Blocking a hydrogen sulfide defense mechanism appears to make bacteria more susceptible to antibiotics – a finding that could offer a new way to combat antimicrobial resistance.

Drug-resistant bacteria, called persisters, are a growing global health crisis. By the middle of this century, scientists predict that antibiotic resistance will cause 10 million deaths annually. For this reason, many researchers are working to find new antibacterial agents and ways to improve the effectiveness of existing drugs.

Now a team led by medical researcher Evgeny Nudler from New York University (NYU) has discovered a new way to weaken bacterial resistance to existing treatments. The method is based on blocking a common bacterial defense mechanism with hydrogen sulfide (H.2S) production.

“Bacteria seem to use controlled self-poisoning with H.2S to slow their metabolism down and stop the antibiotics from using the bacteria ‘energy production system to kill them, ”Nudler told the NYU Langone website.

Nudler’s team identified a protein called cystathionine γ-lyase (CSE), which plays a key role in hydrogen sulfide production in two common drug-tolerant bacteria. After obtaining X-ray structures from CSE, researchers used computer tools to search more than three million small molecules looking for compounds that could bind to the protein and prevent it from functioning.

An image showing a model of an enzymatic binding pocket, shown as blue, red, and green blobs, with a rod-shaped molecular model slit in the middle.

Based on the screening results, the group evaluated the ability of dozens of compounds to prevent the formation of hydrogen sulfide in enzymatic assays. The three most promising candidates – all related compounds based on a substituted indole structure – were then tested in both test tube and mouse studies Staphylococcus aureus and Pseudomonas aeruginosa. These common persistence are two of the most common causes of hospital-acquired infections. The experiments showed that by blocking the hydrogen sulfide defense mechanism, the small molecules could actually increase the effectiveness of several antibiotics, including a type of penicillin, against the bacteria.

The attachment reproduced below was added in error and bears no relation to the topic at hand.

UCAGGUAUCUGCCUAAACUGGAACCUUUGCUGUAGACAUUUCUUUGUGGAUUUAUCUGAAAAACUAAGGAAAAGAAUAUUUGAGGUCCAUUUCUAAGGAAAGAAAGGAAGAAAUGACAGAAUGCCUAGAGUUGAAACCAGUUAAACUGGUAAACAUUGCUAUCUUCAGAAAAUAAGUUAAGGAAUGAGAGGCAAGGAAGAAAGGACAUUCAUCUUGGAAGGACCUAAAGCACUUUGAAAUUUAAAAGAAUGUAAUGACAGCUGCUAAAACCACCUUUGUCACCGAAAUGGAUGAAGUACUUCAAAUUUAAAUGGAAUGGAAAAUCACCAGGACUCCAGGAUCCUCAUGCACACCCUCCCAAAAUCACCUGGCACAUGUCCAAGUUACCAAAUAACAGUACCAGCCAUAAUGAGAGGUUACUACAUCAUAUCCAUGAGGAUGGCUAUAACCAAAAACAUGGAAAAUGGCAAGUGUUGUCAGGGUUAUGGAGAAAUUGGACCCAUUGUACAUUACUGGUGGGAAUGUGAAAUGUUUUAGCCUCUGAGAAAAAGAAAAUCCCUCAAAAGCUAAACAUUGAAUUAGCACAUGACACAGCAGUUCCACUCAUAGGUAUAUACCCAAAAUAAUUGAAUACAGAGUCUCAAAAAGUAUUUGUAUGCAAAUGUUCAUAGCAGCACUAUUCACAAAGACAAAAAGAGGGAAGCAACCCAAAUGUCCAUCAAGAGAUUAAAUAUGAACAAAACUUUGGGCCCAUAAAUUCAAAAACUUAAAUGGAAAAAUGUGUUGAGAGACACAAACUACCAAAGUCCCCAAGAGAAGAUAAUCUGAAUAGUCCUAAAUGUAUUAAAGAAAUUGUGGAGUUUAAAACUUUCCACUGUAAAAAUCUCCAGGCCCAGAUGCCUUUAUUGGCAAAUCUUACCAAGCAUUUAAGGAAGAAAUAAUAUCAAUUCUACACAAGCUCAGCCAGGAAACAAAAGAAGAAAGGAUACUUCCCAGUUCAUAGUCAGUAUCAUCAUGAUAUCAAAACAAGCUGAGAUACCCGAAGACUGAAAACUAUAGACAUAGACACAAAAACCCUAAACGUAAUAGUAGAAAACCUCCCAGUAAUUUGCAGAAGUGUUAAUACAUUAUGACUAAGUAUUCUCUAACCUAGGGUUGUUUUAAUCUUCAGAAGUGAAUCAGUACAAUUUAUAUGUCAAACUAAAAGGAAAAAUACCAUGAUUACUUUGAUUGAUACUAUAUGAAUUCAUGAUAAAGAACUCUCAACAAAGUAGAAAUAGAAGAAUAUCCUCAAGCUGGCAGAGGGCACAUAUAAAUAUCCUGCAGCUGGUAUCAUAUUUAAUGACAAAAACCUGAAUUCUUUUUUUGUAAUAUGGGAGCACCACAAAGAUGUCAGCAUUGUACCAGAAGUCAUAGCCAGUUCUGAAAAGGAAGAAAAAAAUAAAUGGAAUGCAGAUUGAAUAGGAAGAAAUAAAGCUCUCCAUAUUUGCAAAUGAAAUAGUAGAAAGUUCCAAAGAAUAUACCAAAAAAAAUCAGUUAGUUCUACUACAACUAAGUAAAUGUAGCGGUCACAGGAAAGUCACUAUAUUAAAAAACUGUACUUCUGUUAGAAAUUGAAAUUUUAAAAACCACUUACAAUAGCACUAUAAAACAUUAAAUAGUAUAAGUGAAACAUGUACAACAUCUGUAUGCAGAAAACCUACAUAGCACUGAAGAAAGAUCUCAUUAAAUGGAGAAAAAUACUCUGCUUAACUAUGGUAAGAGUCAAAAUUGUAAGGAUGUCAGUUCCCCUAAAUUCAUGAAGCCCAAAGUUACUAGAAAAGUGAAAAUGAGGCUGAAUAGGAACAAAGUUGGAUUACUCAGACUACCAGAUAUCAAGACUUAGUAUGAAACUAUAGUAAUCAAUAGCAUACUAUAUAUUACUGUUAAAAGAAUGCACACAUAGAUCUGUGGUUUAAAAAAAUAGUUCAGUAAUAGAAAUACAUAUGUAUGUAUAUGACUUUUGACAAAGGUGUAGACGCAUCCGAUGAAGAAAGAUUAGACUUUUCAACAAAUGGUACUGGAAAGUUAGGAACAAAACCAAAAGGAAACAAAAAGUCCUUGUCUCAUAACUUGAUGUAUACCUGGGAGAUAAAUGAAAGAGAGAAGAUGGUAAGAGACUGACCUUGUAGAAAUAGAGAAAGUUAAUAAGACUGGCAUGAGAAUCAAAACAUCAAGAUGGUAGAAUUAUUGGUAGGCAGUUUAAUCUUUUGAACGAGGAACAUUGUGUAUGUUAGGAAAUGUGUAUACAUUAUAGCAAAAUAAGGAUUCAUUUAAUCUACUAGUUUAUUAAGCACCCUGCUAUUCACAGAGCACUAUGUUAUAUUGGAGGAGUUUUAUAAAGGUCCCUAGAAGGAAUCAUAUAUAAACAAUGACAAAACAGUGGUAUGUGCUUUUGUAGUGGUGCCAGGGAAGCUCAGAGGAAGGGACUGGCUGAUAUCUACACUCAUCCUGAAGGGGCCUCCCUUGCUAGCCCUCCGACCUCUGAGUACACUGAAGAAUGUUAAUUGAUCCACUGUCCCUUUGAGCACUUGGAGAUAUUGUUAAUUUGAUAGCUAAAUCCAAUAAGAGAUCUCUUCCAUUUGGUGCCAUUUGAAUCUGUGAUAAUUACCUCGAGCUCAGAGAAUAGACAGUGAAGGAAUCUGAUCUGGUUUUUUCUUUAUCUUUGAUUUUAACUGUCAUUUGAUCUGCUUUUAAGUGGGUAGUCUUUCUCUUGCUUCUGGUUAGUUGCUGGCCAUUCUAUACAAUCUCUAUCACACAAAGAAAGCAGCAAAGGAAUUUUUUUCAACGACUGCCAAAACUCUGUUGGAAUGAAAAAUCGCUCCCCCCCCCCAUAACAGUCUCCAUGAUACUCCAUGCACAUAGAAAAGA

Medicinal chemist Miraz Rahman of Kings College London, UK, explains that finding ways to modify drug resistance in bacteria can be a temporary solution – extend the life of existing antibiotics while scientists continue to search for new classes of antibacterial agents. He says the discovery of the CSE protein as a drug-grade target “is an important new finding” that “opens up new opportunities to develop combination therapies for chronic diseases such as cystic fibrosis, where the persistence population is particularly problematic”.

“This is an early and encouraging finding against a limited number of mainly laboratory-adapted strains,” notes Rahman. “The strategy has yet to be validated against relevant clinical strains in appropriate disease models in order to assess the suitability of this target for overcoming resistance.”

However, he believes the study “lays the groundwork for developing combination therapies that target the CSE protein that may one day help overcome antimicrobial resistance.”

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